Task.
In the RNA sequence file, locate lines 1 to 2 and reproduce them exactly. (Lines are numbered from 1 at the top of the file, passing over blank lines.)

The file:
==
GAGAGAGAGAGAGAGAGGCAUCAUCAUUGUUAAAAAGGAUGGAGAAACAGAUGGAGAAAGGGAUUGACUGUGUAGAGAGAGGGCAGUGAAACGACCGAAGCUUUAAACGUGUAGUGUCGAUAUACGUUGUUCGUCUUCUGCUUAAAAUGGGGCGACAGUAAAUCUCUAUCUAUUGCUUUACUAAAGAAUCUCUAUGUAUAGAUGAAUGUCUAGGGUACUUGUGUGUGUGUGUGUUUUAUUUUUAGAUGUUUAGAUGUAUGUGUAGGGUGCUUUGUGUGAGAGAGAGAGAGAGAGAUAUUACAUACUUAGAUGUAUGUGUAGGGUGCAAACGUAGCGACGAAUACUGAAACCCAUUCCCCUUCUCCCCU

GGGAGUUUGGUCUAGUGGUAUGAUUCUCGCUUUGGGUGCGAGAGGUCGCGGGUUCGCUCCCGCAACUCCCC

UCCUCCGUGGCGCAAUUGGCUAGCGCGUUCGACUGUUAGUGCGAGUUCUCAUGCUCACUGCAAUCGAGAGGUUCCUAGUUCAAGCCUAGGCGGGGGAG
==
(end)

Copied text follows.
GAGAGAGAGAGAGAGAGGCAUCAUCAUUGUUAAAAAGGAUGGAGAAACAGAUGGAGAAAGGGAUUGACUGUGUAGAGAGAGGGCAGUGAAACGACCGAAGCUUUAAACGUGUAGUGUCGAUAUACGUUGUUCGUCUUCUGCUUAAAAUGGGGCGACAGUAAAUCUCUAUCUAUUGCUUUACUAAAGAAUCUCUAUGUAUAGAUGAAUGUCUAGGGUACUUGUGUGUGUGUGUGUUUUAUUUUUAGAUGUUUAGAUGUAUGUGUAGGGUGCUUUGUGUGAGAGAGAGAGAGAGAGAUAUUACAUACUUAGAUGUAUGUGUAGGGUGCAAACGUAGCGACGAAUACUGAAACCCAUUCCCCUUCUCCCCU

GGGAGUUUGGUCUAGUGGUAUGAUUCUCGCUUUGGGUGCGAGAGGUCGCGGGUUCGCUCCCGCAACUCCCC